In 2018, the Centers for Disease Control published the National Health and Nutrition Examination Survey, which sampled 10,792 adults’ records and 6,863 children’s records, which may sound like a relatively small number. However, this data did not originate with self-reported weight figures, but came from information supplied by healthcare providers, so the reliability factor is greater.
Over all age groups, the big news was the increase in severe or class 3 obesity. Country women are twice as likely as city women to be dangerously overweight. Among men, the disproportion is even higher. Well over twice as many country men are likely to be very obese, than their urban counterparts. Here are some highlights:
Men and children living in small towns are three times more likely to be severely, dangerously obese…
[P]eople in rural areas are far more likely to have a BMI over 40
The difference between rural and urban children has stayed stable over time, but the disparity is growing among severely obese adults
But strangely, in some other cultures, this dynamic works the opposite way. As a McKinsey Institute discussion paper pointed out,
In India and China, the prevalence of obesity in cities is three to four times the rate in rural areas, reflecting higher incomes in urban areas and therefore higher levels of nutrition and food consumption and often less active labor.
A metastudy published in 2020 set out to clarify the city-country difference. It concluded that “the associations of obesogenic environmental factors, including residential density, with weight-related behaviours and outcomes could vary greatly across countries and regions.” The pertinent data came from 35 studies conducted in 14 different countries.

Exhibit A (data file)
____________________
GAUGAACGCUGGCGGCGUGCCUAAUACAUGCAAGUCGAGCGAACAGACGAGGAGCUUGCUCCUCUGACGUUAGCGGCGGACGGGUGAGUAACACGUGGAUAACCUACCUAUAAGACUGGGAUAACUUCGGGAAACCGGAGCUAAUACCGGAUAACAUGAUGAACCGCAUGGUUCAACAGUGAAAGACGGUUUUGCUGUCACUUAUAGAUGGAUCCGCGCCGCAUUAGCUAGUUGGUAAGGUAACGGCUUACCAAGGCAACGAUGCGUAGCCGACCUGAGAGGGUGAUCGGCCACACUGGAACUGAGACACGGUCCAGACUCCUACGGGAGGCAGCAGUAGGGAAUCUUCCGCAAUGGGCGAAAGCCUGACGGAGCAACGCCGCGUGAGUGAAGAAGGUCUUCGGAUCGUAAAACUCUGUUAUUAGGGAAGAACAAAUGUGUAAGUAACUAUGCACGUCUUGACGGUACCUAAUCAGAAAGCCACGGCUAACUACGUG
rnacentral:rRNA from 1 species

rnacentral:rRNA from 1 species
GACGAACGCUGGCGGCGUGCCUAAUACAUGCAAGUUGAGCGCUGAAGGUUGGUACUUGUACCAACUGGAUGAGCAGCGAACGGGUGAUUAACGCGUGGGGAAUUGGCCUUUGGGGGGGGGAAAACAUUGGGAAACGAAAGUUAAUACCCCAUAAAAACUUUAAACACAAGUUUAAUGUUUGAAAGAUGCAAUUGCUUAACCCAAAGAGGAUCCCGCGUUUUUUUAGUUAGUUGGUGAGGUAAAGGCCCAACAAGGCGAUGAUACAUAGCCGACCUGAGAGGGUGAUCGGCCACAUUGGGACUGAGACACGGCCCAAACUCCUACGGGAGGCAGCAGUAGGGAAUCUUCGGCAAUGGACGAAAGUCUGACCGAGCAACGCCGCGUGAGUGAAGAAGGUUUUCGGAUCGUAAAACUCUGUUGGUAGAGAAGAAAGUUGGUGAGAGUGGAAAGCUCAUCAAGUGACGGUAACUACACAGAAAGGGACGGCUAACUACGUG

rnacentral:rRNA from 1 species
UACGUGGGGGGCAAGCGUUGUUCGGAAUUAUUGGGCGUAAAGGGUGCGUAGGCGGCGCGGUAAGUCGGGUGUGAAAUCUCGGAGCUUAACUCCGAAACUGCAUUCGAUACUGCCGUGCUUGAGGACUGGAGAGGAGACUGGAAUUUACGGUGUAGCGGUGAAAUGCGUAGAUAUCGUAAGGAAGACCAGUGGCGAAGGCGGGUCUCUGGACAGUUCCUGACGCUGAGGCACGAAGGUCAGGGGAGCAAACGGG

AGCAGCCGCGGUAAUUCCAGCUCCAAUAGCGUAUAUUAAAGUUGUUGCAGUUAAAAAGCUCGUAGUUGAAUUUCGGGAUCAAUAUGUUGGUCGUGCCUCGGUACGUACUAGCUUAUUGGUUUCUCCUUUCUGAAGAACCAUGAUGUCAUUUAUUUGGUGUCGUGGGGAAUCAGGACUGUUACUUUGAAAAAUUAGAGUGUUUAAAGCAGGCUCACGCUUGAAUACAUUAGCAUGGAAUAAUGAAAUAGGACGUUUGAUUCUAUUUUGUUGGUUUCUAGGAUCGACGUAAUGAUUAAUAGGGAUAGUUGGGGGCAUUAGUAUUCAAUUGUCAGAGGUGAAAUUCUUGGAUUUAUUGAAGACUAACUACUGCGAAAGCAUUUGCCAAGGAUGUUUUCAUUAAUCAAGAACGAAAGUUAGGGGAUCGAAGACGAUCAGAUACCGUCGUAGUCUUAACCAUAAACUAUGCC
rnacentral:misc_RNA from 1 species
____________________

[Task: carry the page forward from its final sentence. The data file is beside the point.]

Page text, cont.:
With regard to children and PA (physical activity), there was “no conclusive association between residential density and childhood obesity.” Why? One proposed explanation was…
Although unlikely to stimulate PA directly, a higher residential density usually allows for mass retail services and facilities and thus tends to increase the number of potential destinations within walking or cycling distance, which could increase the PA levels of residents…
Half of the studies in the systematic review reported a negative relationship between residential density and weight status, whereas the other half showed a positive relationship.
Another seeming anomaly is the difference in findings about the effect of air quality. In June 2020, the University of Southern California and the Barcelona Institute for Global Health released a study that tried to pin down the totality of all environmental factors that contribute to obesity. It concluded that, in combination with the built environment, “air pollution correlates with the highest childhood obesity rates and body mass index.” One quotation says,
High BMI correlates with densely populated areas. But, BMI was lower in areas with more concentrated resources: businesses, community services, educational institutions, restaurants, shopping, and more.
That seems to fit uneasily with the information from other studies, which is what inspired the researchers to try very hard to identify each and every contributing factor to obesity.
Your responses and feedback are welcome!
Source: “Severe obesity warning for rural America,” DailyMail.co.uk, 06/19/18
Source: “Overcoming obesity: An initial economic analysis,” McKinsey.com, November 2014
Source: “Neighbourhood residential density and childhood obesity,” Wiley.com, 05/14/20
Source: “Childhood obesity is linked to multiple environmental factors,” Umiess.net, 06/29/20
Image by SMcD22/CC BY 2.0